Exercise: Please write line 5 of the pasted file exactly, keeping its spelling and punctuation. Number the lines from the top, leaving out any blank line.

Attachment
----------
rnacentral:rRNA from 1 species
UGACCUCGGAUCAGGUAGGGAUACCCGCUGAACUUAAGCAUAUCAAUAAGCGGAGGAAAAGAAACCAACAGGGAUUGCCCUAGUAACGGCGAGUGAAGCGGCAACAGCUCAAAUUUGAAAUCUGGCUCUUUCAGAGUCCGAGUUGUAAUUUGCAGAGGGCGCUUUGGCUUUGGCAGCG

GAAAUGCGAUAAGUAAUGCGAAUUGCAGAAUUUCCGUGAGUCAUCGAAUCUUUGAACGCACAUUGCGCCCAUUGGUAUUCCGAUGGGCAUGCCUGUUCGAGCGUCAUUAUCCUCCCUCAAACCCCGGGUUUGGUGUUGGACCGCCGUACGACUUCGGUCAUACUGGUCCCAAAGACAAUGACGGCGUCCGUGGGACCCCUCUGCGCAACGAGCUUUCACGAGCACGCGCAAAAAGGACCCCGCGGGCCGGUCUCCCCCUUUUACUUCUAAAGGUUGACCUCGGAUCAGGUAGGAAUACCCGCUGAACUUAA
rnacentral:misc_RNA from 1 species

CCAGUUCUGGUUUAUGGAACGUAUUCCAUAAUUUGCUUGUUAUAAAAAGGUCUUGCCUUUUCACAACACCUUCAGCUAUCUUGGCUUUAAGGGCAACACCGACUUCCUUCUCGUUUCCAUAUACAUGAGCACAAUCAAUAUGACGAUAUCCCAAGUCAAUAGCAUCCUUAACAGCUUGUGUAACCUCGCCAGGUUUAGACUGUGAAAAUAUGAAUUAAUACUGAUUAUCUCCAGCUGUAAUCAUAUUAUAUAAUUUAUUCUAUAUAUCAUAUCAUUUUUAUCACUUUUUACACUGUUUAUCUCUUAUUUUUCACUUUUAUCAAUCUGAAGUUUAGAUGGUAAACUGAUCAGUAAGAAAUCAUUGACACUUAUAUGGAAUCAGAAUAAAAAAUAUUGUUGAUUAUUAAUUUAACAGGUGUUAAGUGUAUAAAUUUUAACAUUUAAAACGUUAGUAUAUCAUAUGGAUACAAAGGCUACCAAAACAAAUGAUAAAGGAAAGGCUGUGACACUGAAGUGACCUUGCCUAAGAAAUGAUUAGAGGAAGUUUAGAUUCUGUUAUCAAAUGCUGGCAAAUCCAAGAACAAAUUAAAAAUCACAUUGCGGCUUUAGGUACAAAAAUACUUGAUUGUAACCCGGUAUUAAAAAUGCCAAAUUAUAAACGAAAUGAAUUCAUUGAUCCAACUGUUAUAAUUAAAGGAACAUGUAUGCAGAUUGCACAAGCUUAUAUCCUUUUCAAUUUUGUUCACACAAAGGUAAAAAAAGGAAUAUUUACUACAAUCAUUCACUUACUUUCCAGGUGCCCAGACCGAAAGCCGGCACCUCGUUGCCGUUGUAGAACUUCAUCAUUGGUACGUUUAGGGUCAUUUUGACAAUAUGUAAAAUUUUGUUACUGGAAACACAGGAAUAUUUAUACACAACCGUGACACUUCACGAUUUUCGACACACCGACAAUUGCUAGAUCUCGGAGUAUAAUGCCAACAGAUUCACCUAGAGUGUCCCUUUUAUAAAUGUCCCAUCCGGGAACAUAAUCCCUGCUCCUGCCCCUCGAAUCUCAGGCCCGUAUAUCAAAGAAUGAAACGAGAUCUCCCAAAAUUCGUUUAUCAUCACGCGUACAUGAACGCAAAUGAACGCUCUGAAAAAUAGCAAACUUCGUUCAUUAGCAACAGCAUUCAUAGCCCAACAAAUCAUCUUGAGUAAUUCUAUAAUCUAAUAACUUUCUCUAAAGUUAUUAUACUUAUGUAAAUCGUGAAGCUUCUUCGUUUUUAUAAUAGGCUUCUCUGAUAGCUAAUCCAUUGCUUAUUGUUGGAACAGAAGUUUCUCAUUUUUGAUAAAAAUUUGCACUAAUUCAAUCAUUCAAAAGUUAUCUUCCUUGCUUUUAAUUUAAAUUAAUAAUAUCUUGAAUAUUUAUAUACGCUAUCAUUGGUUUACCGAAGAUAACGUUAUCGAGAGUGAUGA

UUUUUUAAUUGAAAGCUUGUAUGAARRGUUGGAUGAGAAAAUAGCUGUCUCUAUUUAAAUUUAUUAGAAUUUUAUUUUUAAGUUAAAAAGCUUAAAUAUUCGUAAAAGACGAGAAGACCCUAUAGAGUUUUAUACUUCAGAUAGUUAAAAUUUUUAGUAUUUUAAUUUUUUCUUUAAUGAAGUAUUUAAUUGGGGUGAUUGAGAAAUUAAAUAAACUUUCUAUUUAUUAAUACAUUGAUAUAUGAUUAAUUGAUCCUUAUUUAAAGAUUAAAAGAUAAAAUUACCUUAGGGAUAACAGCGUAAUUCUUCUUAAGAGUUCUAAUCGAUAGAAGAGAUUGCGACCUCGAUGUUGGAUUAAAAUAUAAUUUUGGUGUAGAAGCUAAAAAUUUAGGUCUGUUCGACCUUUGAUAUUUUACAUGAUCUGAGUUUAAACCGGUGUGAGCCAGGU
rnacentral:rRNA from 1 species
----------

CCAGUUCUGGUUUAUGGAACGUAUUCCAUAAUUUGCUUGUUAUAAAAAGGUCUUGCCUUUUCACAACACCUUCAGCUAUCUUGGCUUUAAGGGCAACACCGACUUCCUUCUCGUUUCCAUAUACAUGAGCACAAUCAAUAUGACGAUAUCCCAAGUCAAUAGCAUCCUUAACAGCUUGUGUAACCUCGCCAGGUUUAGACUGUGAAAAUAUGAAUUAAUACUGAUUAUCUCCAGCUGUAAUCAUAUUAUAUAAUUUAUUCUAUAUAUCAUAUCAUUUUUAUCACUUUUUACACUGUUUAUCUCUUAUUUUUCACUUUUAUCAAUCUGAAGUUUAGAUGGUAAACUGAUCAGUAAGAAAUCAUUGACACUUAUAUGGAAUCAGAAUAAAAAAUAUUGUUGAUUAUUAAUUUAACAGGUGUUAAGUGUAUAAAUUUUAACAUUUAAAACGUUAGUAUAUCAUAUGGAUACAAAGGCUACCAAAACAAAUGAUAAAGGAAAGGCUGUGACACUGAAGUGACCUUGCCUAAGAAAUGAUUAGAGGAAGUUUAGAUUCUGUUAUCAAAUGCUGGCAAAUCCAAGAACAAAUUAAAAAUCACAUUGCGGCUUUAGGUACAAAAAUACUUGAUUGUAACCCGGUAUUAAAAAUGCCAAAUUAUAAACGAAAUGAAUUCAUUGAUCCAACUGUUAUAAUUAAAGGAACAUGUAUGCAGAUUGCACAAGCUUAUAUCCUUUUCAAUUUUGUUCACACAAAGGUAAAAAAAGGAAUAUUUACUACAAUCAUUCACUUACUUUCCAGGUGCCCAGACCGAAAGCCGGCACCUCGUUGCCGUUGUAGAACUUCAUCAUUGGUACGUUUAGGGUCAUUUUGACAAUAUGUAAAAUUUUGUUACUGGAAACACAGGAAUAUUUAUACACAACCGUGACACUUCACGAUUUUCGACACACCGACAAUUGCUAGAUCUCGGAGUAUAAUGCCAACAGAUUCACCUAGAGUGUCCCUUUUAUAAAUGUCCCAUCCGGGAACAUAAUCCCUGCUCCUGCCCCUCGAAUCUCAGGCCCGUAUAUCAAAGAAUGAAACGAGAUCUCCCAAAAUUCGUUUAUCAUCACGCGUACAUGAACGCAAAUGAACGCUCUGAAAAAUAGCAAACUUCGUUCAUUAGCAACAGCAUUCAUAGCCCAACAAAUCAUCUUGAGUAAUUCUAUAAUCUAAUAACUUUCUCUAAAGUUAUUAUACUUAUGUAAAUCGUGAAGCUUCUUCGUUUUUAUAAUAGGCUUCUCUGAUAGCUAAUCCAUUGCUUAUUGUUGGAACAGAAGUUUCUCAUUUUUGAUAAAAAUUUGCACUAAUUCAAUCAUUCAAAAGUUAUCUUCCUUGCUUUUAAUUUAAAUUAAUAAUAUCUUGAAUAUUUAUAUACGCUAUCAUUGGUUUACCGAAGAUAACGUUAUCGAGAGUGAUGA